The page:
The most popular board on the Lovesail Pinterest account is the one entitled Lighthouses Around the World. When I created it I had no idea just how many lighthouse there were in the world (18,600) and how beautiful and unusual some of these could be. So here is a collection of just a few of these wonderful lighthouses.
Black Nore Point Lighthouse, Portishead, UK
Let’s start with one in my home country, the Black Nore Lighthouse. This white metal lighthouse was built in 1849 by Trinity House and was used to guide vessel along the Seven Estuary into the port of Bristol, a very important trading port in the mid-1800s. It was originally run on gas and had a clockwork mechanism which the local farmer would wind every day. At the outbreak of WWII, it was converted to electric and continued to warn vessels until it was decommissioned in September 2010.
Middle Bay Lighthouse, Mobile Bay, Alabama, US
Also called the Mobile Bay Lighthouse this hexagonal shaped lightkeepers house sits atop seven screwpiles and started life in 1885. The original lantern room sat upon a pyramidal roof but was replaced by a pole and lights in the early 1900s. This light guided vessels safely into the port of Mobile until 1967. An extensive renovation programme restored the lighthouse in 2002 and it is now protected under the National Register of Historic Places.
Jeddah Light, Jeddah, Saudi Arabia
The Jeddah Light is a must to be added to the list of unusual lighthouses. It is situated on the Outer Pier on Jeddah’s modern harbour and stands at a towering 133m. It claims to be the tallest lighthouse in the world but some believe it is not a true lighthouse in the navigational sense of the word. If it fails the brief then Yokohama Marine Tower in Japan is the tallest at 110m.
Bronze Seahorse Lighthouse in Miri, Sarawak, Borneo, Malaysia
There isn’t a lot of information to find on this wonderful looking lighthouse. Suffice to say the seahorse is the city emblem of Miri, so why not have a seahorse inspired lighthouse.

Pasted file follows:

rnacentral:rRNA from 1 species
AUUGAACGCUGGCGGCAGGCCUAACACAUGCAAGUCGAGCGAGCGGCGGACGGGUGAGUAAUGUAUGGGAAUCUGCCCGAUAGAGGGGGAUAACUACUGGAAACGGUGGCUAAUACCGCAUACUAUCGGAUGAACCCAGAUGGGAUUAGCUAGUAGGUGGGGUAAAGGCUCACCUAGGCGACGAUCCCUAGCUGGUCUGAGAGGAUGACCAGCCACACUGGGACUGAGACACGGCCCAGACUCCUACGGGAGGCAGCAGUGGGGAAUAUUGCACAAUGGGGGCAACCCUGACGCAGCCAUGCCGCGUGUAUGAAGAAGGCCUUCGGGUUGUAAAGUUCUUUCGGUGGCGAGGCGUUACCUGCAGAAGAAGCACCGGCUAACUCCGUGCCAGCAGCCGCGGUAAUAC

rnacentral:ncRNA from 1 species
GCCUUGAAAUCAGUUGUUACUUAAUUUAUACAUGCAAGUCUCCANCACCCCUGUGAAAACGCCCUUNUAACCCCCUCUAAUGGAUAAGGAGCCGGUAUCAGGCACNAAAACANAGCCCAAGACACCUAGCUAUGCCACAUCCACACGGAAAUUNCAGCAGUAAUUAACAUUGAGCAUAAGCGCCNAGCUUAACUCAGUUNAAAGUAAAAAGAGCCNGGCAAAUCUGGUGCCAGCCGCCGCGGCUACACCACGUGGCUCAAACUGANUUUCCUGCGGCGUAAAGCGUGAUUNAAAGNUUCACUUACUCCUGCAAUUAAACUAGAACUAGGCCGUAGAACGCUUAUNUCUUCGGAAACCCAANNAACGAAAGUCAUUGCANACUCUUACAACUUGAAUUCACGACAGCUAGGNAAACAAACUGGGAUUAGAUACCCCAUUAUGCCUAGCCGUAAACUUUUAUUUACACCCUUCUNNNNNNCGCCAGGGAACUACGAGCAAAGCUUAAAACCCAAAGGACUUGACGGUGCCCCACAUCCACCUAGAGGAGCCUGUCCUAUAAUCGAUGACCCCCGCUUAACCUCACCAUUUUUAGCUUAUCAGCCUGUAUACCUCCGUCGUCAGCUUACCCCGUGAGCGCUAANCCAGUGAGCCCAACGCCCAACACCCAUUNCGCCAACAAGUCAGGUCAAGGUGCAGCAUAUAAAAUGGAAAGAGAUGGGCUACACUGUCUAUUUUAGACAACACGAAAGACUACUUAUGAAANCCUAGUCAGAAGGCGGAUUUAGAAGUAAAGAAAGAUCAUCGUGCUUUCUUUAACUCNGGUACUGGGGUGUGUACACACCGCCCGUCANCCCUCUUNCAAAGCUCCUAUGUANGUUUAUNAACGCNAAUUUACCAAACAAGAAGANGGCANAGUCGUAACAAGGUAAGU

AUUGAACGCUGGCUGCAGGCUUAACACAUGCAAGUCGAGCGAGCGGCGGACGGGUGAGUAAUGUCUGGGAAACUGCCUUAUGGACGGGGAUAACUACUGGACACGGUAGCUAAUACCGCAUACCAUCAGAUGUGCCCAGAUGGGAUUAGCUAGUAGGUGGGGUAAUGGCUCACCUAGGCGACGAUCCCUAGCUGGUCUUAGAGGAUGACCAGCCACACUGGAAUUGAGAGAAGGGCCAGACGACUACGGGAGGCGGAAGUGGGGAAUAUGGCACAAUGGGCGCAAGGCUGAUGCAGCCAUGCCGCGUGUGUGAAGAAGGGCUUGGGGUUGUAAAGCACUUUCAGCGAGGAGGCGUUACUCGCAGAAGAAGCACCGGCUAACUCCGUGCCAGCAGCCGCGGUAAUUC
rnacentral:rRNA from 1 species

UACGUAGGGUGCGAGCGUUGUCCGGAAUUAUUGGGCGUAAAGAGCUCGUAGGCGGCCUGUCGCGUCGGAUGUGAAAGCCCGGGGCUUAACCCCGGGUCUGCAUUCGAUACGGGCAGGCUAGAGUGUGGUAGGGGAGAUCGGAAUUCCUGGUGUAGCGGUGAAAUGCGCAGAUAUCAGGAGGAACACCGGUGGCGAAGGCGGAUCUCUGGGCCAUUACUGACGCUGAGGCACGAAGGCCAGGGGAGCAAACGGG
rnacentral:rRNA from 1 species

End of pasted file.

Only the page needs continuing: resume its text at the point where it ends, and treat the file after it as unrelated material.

Jeongja (Chongja) Hang North Breakwater, Ulsan, South Korea
South Korea seems to be the home of many an unusual lighthouse so it was difficult to pick one. I’ve settled for this whale sculpture which has the navigational light perched on the whale’s nose. Standing 11m high this lighthouse was chosen after a public competition. Ulsan was once a whaling port but has now become a whale-watching base instead.
Low Lighthouse, Burnham-on-Sea, UK
Another lighthouse overlooking the Seven Estuary (it’s a treacherous spot!) is the Low Light which was first constructed in 1832. This nine-legged wooden structure was built to complement another lighthouse that was built but found to be too low for vessels to actually see. It was once voted in the top 10 of most beautiful lighthouses in the world and it still operational today.
Kermorvan lighthouse, La Conquet, Brest, Finistère, France
Built in 1849, the Phare de Kermovan helps to guide ships along with three other lighthouses. It helps to provide safe passage through the Chenal du Four. the Chenal de la Helle and also protects the harbour of La Conquet. It looks more like a defensive fort than a guiding light.
Tourlitis Lighthouse, Andros, Greece
You would think the Tourlitis Lighthouse has been standing on its perch for centuries with its rocky foundation gradually eroding away. Not so. The lighthouse we see today was rebuilt in the 1990s to replace the structure that was destroyed during WWII. Previously a lighthouse had stood on the rock since 1897 and it’s recent rebuild copied the original design.
Tower of Hercules, La Coruña, Spain
Last to be included on the unusual lighthouse list is the Tower of Hercules. Considered to be the oldest surviving lighthouse in the world, the tower is believed to have been build in the 1st century AD. Renovated in the late 1700’s it is still operational today and is on the UNESCO world heritage list. The tower is 68 metres tall and the light is visible for 32 miles out to sea.
Images courtesy of: Worldwide Lighthouses; Lighthouse Directory; Sarawak Tourism; Burnham-on-Sea.com; ibiblio.org; Greek Lighthouses; UNESCO. Featured image of Jeddah by Vadym Gavrykov (no longer online).
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